June 17, 2007 in Idaho

A cool case of gridlock

Elida S. Perez Staff Writer
 
Photos by Holly Pickett photo

Rick Dullanty, of Spokane, gazes at a 1931 Cadillac convertible owned by Harry and Marcia Mielke at the Car d’Lane Classic Car Show on Saturday.
(Full-size photo)

If you go

What: Car d’Lane’s final event – Demolition Derby

Where: Kootenai County Fairgrounds

When: Gates open at 1 p.m. today; racing starts at 2 p.m.

So many cars, so little time.

Last year, Kurt Larsen missed the annual Car d’Lane Classic Car Show. This year, he arrived more than an hour early Saturday.

The roaring engines and shiny cars that circled downtown Coeur d’Alene on Friday night posed silently on the street Saturday. Virtually every color of the rainbow was there, the vibrant reds, blues and yellows gleaming.

“I started out taking photos of every car, but there got to be so many of them,” said Larsen, of Coeur d’Alene, whose father owned a ‘55 Chevy.

He was joined later in the day by thousands of people walking through the streets admiring the hundreds of classics and hot rods parked downtown in the 17th annual Car d’Lane Classic Car Weekend event.

Of the cars on display, one pint-size race car attracted attention from a much younger crowd.

Ten-year-old Cole Kenworthy invited kids to jump in and have a seat in his 1958 Moss Quarter Midget. Parents gave their children the nudge of approval to get into the car.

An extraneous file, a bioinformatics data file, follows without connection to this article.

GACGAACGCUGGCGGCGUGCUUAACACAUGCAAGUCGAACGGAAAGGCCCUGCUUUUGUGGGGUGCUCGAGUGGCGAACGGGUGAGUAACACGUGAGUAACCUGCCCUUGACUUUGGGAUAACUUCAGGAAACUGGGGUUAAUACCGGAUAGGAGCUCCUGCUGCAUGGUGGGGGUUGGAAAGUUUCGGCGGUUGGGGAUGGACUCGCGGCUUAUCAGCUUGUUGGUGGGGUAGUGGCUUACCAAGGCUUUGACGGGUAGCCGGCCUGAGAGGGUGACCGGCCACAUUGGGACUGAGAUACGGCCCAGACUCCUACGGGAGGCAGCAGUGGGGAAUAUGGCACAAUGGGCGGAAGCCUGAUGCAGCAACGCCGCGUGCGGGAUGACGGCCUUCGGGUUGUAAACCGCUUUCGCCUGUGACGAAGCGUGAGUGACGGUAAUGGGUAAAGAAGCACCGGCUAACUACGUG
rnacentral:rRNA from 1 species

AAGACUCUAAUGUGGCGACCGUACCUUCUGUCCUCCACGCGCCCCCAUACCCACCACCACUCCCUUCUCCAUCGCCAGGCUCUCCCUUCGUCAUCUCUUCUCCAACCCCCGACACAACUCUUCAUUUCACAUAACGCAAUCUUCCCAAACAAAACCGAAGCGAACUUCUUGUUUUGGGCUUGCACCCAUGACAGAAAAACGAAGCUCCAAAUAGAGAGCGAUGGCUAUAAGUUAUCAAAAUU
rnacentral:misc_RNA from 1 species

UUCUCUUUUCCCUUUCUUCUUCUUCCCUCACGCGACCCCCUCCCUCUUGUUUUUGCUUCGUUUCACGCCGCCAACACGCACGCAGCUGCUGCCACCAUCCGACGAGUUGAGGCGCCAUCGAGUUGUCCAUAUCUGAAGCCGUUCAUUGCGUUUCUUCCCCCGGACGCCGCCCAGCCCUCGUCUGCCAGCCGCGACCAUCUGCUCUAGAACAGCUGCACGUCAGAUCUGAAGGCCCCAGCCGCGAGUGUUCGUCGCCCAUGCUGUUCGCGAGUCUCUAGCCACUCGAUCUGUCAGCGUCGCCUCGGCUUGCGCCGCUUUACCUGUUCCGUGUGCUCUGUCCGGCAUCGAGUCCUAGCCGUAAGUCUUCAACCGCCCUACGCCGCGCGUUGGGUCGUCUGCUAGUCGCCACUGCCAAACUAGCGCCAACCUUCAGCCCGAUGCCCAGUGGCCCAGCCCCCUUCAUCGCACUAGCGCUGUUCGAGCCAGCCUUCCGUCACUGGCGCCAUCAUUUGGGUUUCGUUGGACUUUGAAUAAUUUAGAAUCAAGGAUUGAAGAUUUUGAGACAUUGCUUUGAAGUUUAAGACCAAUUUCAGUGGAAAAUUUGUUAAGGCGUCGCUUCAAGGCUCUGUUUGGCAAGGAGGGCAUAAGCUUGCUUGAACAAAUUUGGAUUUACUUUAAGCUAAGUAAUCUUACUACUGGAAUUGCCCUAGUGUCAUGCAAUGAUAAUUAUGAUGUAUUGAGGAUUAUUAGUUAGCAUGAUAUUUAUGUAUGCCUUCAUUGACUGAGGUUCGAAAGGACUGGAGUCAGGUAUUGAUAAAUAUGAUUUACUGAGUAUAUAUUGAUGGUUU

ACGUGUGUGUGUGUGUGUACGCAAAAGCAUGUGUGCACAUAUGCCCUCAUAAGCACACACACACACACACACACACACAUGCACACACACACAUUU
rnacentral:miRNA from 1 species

Cole’s father, Brian Kenworthy, bought the car for his son five years ago. Kenworthy, of Seattle, began searching after seeing a similar car in a private collection. His search started on eBay, but his housekeeper, after noting Kenworthy’s interest, mentioned that her husband had one in their garage he might be willing to sell.

“It was sitting in our driveway by the end of the day,” Kenworthy said.

Owning the Midget will become a family tradition when father and son pass the car on to the youngest boy in the family, 5-year-old Austin. Cole Kenworthy drove the Midget frequently until school and extracurricular activities took prescedence. The father and son plan to restore the car in a few years.

For Bill Hartzell, retirement provided the right opportunity to restore his Metallic Blue 1971 Chevy Nova.

“I bought it brand new,” said Hartzell.

Hartzell and his wife, Carolyn Hartzell, drove the Nova 700 miles from Grants Pass, Ore., to participate in the show. It has about 381,000 miles, Bill Hartzell said. The complete frame-off restoration took him a year to complete. When you’re retired, you can work on it all you want, he said.

Mike Perich, who has attended the show five times, said he saw more hot rod, backyard-type work this weekend than in past years.

“You can relate more to it, like you might actually be able to afford it, unlike some of the $300,000 work you see here,” Perich said.

Perich is in the process of restoring a ‘64 Chevy Nova. He used to own a body shop and is doing the work himself.

“Me and my dad came out because we both like muscle cars,” said Michelle Perich, who attended for the first time.

The father and daughter drove from Canada for the event.


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